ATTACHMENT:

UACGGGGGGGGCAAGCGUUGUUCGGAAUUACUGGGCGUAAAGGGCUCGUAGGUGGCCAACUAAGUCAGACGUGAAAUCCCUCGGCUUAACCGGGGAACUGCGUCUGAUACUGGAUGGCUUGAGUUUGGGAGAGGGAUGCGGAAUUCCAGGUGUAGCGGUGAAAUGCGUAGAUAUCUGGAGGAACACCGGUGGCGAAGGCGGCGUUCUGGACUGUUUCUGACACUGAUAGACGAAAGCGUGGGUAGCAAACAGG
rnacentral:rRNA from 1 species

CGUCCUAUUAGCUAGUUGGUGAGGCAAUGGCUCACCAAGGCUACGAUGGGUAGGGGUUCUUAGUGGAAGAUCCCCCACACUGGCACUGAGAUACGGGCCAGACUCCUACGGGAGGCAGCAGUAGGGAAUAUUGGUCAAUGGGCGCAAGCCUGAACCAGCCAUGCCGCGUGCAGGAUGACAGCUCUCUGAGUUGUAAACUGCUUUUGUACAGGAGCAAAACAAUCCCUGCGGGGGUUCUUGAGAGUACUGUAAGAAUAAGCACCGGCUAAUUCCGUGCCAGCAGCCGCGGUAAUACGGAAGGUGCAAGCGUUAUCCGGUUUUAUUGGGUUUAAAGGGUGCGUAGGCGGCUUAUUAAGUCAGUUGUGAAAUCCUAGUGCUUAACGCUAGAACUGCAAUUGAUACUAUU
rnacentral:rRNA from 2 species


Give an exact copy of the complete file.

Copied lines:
UACGGGGGGGGCAAGCGUUGUUCGGAAUUACUGGGCGUAAAGGGCUCGUAGGUGGCCAACUAAGUCAGACGUGAAAUCCCUCGGCUUAACCGGGGAACUGCGUCUGAUACUGGAUGGCUUGAGUUUGGGAGAGGGAUGCGGAAUUCCAGGUGUAGCGGUGAAAUGCGUAGAUAUCUGGAGGAACACCGGUGGCGAAGGCGGCGUUCUGGACUGUUUCUGACACUGAUAGACGAAAGCGUGGGUAGCAAACAGG
rnacentral:rRNA from 1 species

CGUCCUAUUAGCUAGUUGGUGAGGCAAUGGCUCACCAAGGCUACGAUGGGUAGGGGUUCUUAGUGGAAGAUCCCCCACACUGGCACUGAGAUACGGGCCAGACUCCUACGGGAGGCAGCAGUAGGGAAUAUUGGUCAAUGGGCGCAAGCCUGAACCAGCCAUGCCGCGUGCAGGAUGACAGCUCUCUGAGUUGUAAACUGCUUUUGUACAGGAGCAAAACAAUCCCUGCGGGGGUUCUUGAGAGUACUGUAAGAAUAAGCACCGGCUAAUUCCGUGCCAGCAGCCGCGGUAAUACGGAAGGUGCAAGCGUUAUCCGGUUUUAUUGGGUUUAAAGGGUGCGUAGGCGGCUUAUUAAGUCAGUUGUGAAAUCCUAGUGCUUAACGCUAGAACUGCAAUUGAUACUAUU
rnacentral:rRNA from 2 species